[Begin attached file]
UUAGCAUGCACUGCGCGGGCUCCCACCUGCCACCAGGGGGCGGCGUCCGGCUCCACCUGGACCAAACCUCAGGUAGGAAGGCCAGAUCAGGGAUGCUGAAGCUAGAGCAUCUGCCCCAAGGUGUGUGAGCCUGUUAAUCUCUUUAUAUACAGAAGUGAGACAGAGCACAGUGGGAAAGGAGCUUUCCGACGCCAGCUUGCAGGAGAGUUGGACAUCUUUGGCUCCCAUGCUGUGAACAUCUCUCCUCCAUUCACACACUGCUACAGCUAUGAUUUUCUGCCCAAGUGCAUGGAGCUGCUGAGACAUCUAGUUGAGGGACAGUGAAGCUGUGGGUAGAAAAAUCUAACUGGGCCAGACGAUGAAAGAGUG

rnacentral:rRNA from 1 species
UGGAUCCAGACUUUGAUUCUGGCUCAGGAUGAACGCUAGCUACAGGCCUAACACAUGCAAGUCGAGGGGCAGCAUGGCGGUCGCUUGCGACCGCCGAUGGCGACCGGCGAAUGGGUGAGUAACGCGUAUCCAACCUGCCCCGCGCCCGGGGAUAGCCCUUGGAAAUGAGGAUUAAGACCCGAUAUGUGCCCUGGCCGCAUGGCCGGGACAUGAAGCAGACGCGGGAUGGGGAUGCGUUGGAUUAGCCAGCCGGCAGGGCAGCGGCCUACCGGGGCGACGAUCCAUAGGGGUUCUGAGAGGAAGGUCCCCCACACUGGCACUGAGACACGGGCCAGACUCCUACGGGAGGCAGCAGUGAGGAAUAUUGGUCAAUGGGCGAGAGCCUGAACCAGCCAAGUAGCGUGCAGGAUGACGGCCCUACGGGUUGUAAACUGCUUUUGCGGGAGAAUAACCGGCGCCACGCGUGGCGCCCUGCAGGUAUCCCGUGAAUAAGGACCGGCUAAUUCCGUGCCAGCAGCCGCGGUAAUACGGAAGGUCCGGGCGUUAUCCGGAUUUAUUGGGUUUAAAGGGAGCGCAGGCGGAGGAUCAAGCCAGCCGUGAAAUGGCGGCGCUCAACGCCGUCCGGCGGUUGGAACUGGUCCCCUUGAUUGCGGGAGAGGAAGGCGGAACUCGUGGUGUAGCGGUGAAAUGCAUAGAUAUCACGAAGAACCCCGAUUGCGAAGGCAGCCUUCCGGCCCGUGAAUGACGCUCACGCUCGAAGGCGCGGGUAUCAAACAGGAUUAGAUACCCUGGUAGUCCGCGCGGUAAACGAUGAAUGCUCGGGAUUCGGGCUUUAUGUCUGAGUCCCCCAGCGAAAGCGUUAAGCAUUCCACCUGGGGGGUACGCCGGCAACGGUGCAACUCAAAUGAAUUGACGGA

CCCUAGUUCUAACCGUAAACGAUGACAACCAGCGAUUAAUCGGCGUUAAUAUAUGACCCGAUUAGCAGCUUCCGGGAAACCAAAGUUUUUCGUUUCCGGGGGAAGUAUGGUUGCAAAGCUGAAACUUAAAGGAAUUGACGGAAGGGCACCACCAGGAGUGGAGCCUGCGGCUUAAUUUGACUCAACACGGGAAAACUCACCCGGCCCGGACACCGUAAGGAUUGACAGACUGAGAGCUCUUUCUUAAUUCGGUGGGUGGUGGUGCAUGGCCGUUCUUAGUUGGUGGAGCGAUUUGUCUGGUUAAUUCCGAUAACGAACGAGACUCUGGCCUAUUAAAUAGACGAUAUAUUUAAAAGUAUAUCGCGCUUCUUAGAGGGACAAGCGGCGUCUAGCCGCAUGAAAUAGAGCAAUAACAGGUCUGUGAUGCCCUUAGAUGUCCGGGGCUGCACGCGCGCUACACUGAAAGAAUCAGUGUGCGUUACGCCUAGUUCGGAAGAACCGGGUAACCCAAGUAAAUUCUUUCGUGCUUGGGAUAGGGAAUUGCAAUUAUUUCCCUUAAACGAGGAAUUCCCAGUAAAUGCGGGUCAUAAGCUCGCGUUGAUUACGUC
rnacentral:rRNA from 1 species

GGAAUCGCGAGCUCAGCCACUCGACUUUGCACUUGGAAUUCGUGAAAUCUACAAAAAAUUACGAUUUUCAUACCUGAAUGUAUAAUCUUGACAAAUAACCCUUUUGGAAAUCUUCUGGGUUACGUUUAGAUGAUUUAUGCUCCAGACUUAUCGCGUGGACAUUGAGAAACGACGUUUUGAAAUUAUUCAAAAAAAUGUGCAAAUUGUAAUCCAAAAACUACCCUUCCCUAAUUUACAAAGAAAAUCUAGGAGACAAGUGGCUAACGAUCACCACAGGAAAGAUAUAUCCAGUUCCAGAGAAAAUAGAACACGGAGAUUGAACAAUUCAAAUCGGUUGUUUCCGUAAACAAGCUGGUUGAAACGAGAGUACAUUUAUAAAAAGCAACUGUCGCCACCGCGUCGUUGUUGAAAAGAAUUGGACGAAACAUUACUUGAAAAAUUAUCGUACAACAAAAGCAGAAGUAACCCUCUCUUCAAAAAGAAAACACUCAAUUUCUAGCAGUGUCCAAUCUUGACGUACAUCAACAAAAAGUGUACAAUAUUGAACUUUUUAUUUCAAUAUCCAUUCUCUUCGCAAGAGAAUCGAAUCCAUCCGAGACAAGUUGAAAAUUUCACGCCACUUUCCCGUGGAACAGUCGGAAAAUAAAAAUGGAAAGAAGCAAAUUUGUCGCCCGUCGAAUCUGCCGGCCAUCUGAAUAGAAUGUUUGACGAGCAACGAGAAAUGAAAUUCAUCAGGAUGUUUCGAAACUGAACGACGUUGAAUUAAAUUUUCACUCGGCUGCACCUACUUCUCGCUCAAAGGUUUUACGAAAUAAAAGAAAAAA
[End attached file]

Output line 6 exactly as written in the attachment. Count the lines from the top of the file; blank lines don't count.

GGAAUCGCGAGCUCAGCCACUCGACUUUGCACUUGGAAUUCGUGAAAUCUACAAAAAAUUACGAUUUUCAUACCUGAAUGUAUAAUCUUGACAAAUAACCCUUUUGGAAAUCUUCUGGGUUACGUUUAGAUGAUUUAUGCUCCAGACUUAUCGCGUGGACAUUGAGAAACGACGUUUUGAAAUUAUUCAAAAAAAUGUGCAAAUUGUAAUCCAAAAACUACCCUUCCCUAAUUUACAAAGAAAAUCUAGGAGACAAGUGGCUAACGAUCACCACAGGAAAGAUAUAUCCAGUUCCAGAGAAAAUAGAACACGGAGAUUGAACAAUUCAAAUCGGUUGUUUCCGUAAACAAGCUGGUUGAAACGAGAGUACAUUUAUAAAAAGCAACUGUCGCCACCGCGUCGUUGUUGAAAAGAAUUGGACGAAACAUUACUUGAAAAAUUAUCGUACAACAAAAGCAGAAGUAACCCUCUCUUCAAAAAGAAAACACUCAAUUUCUAGCAGUGUCCAAUCUUGACGUACAUCAACAAAAAGUGUACAAUAUUGAACUUUUUAUUUCAAUAUCCAUUCUCUUCGCAAGAGAAUCGAAUCCAUCCGAGACAAGUUGAAAAUUUCACGCCACUUUCCCGUGGAACAGUCGGAAAAUAAAAAUGGAAAGAAGCAAAUUUGUCGCCCGUCGAAUCUGCCGGCCAUCUGAAUAGAAUGUUUGACGAGCAACGAGAAAUGAAAUUCAUCAGGAUGUUUCGAAACUGAACGACGUUGAAUUAAAUUUUCACUCGGCUGCACCUACUUCUCGCUCAAAGGUUUUACGAAAUAAAAGAAAAAA